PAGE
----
Originally Published on the Powered By Chocolate Milk Blog
The Rio Olympics are less than a year away. Like a black hole, the Olympic Games seem to have a gravitational force that sucks everything towards it and the closer you get to it the quicker time seems to move. As the Games draw closer, expectations increase, the spotlight intensifies, and the pressure builds. For some this is the pressure that’s needed to achieve greatness – for others it proves too much and causes them to crack. In the next 12 months the Olympic dreams of some athletes will be fulfilled, while others left off the team will be faced with a decision – retire, having missed out on a lifelong dream or, push on for another 4 years in hopes that things will be different next time around.
Twenty years into my track-and-field career I have accomplished much of what I set out to do. I have qualified and competed for Canada on 10 National Teams – from the youth level all the way up to the Senior World Track and Field Championships. In my mind, the only thing missing from my personal resume is an Olympic Games (in 2012 I missed making the Games by a matter of seconds). Having achieved the Olympic Qualifying Standard last month in London, England, I’ve come closer to realizing my Olympic dream than ever before. The only things standing in my way are three of the top Canadian Steeplechasers ever.
Canada – A Steeplechase Powerhouse
Never before in the history of the modern Olympics has Canada sent more than one entrant in the Steeplechase, an event that takes place over 3000m, 28 barriers, and seven water jumps. Heading into 2016, Canada already has four athletes who have met the qualifying standard, me included, and there are a couple of other athletes knocking on the door. For the event, the sport, and for our country this sort of progress is nothing short of fantastic! In fact, across most event disciplines, we are seeing a renaissance of sorts here in Canada in athletics (case in point: In the 2015 World Track and Field Championships, Canada won more medals than ever before).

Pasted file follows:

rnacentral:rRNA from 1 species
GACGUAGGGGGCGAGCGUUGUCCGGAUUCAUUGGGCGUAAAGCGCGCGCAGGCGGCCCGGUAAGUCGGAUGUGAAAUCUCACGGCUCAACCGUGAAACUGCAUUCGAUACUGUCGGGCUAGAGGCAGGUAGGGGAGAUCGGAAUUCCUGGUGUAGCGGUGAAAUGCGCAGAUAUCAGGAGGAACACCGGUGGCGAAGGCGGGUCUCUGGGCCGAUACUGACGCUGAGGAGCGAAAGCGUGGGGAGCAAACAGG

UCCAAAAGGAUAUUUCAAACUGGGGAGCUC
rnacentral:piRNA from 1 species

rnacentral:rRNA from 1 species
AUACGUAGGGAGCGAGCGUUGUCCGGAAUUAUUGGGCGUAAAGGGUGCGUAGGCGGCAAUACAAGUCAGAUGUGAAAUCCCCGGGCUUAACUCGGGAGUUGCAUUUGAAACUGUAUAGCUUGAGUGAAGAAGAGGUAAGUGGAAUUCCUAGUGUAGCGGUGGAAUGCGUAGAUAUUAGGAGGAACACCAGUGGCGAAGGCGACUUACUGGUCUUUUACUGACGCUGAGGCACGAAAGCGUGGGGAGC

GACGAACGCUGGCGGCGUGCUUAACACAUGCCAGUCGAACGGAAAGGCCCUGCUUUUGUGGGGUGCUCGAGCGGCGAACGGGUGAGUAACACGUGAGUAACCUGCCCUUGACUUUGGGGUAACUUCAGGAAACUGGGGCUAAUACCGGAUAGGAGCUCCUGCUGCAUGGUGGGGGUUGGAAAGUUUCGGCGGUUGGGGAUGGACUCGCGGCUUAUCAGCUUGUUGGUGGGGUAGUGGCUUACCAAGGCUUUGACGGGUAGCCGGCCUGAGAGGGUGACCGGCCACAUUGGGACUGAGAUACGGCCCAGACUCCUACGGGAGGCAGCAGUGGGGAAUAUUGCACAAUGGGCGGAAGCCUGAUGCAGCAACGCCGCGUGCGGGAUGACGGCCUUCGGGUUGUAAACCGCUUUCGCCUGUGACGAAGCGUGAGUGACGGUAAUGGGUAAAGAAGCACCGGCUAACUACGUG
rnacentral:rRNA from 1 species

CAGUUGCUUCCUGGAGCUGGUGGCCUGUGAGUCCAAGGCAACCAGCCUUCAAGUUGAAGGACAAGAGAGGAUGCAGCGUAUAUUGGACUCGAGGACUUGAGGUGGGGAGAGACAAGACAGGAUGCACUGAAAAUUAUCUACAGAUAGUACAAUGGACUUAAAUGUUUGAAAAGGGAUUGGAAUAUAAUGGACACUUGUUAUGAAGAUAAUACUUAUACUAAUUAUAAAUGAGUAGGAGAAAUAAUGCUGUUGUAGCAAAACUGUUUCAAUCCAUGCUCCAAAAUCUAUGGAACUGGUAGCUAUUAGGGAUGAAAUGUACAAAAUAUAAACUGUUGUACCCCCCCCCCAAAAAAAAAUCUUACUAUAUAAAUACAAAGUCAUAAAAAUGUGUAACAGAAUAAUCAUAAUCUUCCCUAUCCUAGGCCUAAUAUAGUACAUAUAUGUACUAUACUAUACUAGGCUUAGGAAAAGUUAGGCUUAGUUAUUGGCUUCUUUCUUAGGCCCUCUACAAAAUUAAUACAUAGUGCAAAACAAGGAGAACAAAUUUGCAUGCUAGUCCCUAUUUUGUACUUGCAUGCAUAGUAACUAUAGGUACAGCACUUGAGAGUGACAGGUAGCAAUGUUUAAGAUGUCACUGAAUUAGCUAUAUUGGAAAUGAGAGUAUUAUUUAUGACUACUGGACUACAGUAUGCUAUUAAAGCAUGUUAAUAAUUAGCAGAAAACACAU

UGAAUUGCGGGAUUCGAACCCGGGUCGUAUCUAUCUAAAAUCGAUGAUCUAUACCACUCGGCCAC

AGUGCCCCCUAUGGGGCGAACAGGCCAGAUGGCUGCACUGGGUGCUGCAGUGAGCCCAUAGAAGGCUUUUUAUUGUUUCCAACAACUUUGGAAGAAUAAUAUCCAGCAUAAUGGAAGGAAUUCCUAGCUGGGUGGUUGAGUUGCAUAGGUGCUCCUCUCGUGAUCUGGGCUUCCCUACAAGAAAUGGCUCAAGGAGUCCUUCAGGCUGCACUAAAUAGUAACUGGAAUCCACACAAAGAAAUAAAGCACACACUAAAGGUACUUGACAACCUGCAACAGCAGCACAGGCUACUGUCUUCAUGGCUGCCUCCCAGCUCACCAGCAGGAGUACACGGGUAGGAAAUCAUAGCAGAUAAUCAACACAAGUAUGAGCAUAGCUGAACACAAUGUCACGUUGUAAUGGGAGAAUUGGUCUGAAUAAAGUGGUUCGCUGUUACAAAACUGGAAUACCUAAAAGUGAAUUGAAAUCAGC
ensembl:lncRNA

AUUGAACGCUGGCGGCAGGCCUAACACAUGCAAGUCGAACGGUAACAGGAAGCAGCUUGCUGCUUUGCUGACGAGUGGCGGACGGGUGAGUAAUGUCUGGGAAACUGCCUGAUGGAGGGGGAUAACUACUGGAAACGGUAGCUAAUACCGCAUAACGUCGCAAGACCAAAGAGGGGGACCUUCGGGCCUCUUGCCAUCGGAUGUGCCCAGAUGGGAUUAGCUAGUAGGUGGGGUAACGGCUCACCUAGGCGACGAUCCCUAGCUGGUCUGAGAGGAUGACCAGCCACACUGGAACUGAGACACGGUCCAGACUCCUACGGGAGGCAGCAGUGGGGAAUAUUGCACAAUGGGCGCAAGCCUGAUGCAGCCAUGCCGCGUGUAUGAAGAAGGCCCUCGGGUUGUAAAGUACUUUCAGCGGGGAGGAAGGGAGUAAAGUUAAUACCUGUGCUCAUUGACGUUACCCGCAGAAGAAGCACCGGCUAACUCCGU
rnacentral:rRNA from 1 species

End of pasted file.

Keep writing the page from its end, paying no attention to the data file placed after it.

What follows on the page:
On the flip side, come July 1st, 2016, after the Canadian Olympic Trials comes to a close, there will be athletes left off the Olympic team. Athletes that have sacrificed much for not only the past four years but for many, much longer than that.
10 Months to Go!
Over the next 10 months, as the Games loom ever larger in the foreground, I plan to do everything in my control to be as prepared as possible on the day. One day will make all the difference. There are no “re-dos” or “next times.” Hopefully, on that one day, at the Canadian Olympic Trials in Edmonton, I can achieve this Olympic Dream I have nurtured for over two decades.
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